Developing Mainstream Resource Provision for Pupils with Autism Spectrum Disorder: Parent and Pupil Perceptions

Judith Hebron, Caroline Bond

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    11 Citations (Scopus)
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    The diverse needs of pupils with autism spectrum disorder (ASD) have led to a continuum of educational provision being promoted in many countries, and which is often developed at a local level. The majority of children and young people with ASD in the UK attend mainstream schools, and resourced mainstream schools are increasingly part of this continuum of provision. These schools offer additional environmental modifications and adult support over and above that normally provided by mainstream schools. How parents and pupils perceive such provisions has not previously been investigated. The current study was designed to explore the perceptions of parents and pupils in five primary and three secondary resource provision schools in one Local Authority during the pupils’ first year at the provisions. A series of interviews took place with 16 parents and 9 pupils during this initial year. Data were analysed using inductive and deductive thematic analysis. Bronfenbrenner’s bio-ecosystemic theory was used to conceptualise and organise the complex interactions between home, local education systems, school systems and sub-systems, and their impact on pupil outcomes over time. Findings and implications are discussed in relation to theory and practice.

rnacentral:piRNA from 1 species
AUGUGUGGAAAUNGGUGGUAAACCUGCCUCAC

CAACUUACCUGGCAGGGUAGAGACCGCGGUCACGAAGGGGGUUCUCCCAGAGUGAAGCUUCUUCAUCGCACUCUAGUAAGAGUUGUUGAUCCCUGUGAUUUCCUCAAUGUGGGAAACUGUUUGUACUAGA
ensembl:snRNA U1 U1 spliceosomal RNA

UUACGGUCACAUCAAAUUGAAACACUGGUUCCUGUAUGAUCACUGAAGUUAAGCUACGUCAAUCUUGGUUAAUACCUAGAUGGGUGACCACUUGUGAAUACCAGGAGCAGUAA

Original languageEnglish
    JournalEuropean Journal of Special Needs Education
    Publication statusPublished - 27 Mar 2017


    • Autism Spectrum Disorder
    • Inclusion
    • Education
    • Resource Provision
    • Pupil Perceptions
    • Parent Perceptions


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